Indiana bill mandating lead testing in drinking water for schools was signed into law
An Indiana bill for schools statewide to test water for lead was signed into law this week.
The bill requires schools to test once by 2023 and then to take action if results show lead at higher than 15 parts per billion (ppb), reported the Chicago Tribune. Lake County schools would have to test every two years beginning in 2023.
The state has received a grant from the Indiana Finance Authority to take care of testing costs, according to a press release announcing the new law.
A similar bill was proposed in the Senate by Sen. Lonnie Randolph, at the start of session, to require lead testing for Lake County schools once every two years. This bill never made it out of the House Environmental Affairs Committee, according to the Chicago Tribune.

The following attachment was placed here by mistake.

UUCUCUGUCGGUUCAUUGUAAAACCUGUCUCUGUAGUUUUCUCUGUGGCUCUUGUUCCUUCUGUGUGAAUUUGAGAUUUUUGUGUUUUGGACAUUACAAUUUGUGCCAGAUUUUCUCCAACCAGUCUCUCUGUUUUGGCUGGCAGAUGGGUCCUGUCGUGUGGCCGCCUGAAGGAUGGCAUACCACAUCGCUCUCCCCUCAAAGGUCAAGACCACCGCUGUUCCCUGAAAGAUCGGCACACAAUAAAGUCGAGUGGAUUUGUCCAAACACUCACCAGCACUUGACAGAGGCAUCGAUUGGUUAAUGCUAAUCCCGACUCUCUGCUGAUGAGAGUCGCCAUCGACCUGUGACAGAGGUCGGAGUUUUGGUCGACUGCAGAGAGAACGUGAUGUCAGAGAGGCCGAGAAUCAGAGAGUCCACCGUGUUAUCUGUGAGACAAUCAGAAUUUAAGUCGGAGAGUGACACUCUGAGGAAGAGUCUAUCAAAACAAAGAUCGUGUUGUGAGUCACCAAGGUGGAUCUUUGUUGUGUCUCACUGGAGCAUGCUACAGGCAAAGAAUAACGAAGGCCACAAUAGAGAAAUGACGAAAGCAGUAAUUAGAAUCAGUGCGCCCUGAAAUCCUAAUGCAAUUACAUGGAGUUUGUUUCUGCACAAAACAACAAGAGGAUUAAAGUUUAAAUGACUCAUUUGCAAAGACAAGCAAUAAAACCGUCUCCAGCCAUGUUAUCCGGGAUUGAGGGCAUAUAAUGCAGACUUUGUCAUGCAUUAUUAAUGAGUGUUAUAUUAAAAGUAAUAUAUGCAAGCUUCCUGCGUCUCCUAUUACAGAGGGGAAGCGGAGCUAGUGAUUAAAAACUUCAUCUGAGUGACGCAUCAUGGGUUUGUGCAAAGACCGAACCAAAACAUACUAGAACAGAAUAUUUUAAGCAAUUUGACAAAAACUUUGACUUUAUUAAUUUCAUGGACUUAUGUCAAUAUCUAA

Randolph proposed his bill as an amendment to Jackson’s bill and the amendment ultimately passed. Jackson’s proposal included cooper screening as well. An amendment to lower the bar to 5 ppb for lead was introduced but failed.
The House Enrolled Act 1265, which takes effect July 1, ensures that school buildings must have their water fountains and taps tested for lead by Jan. 1, 2023, unless it previously has been tested and found in compliance since 2016.
"Requiring regular lead testing in our school drinking water, where lead has been identified in the past, is an important first step in ensuring the safety of our schoolchildren," said state Sen. Randolph, the sponsor.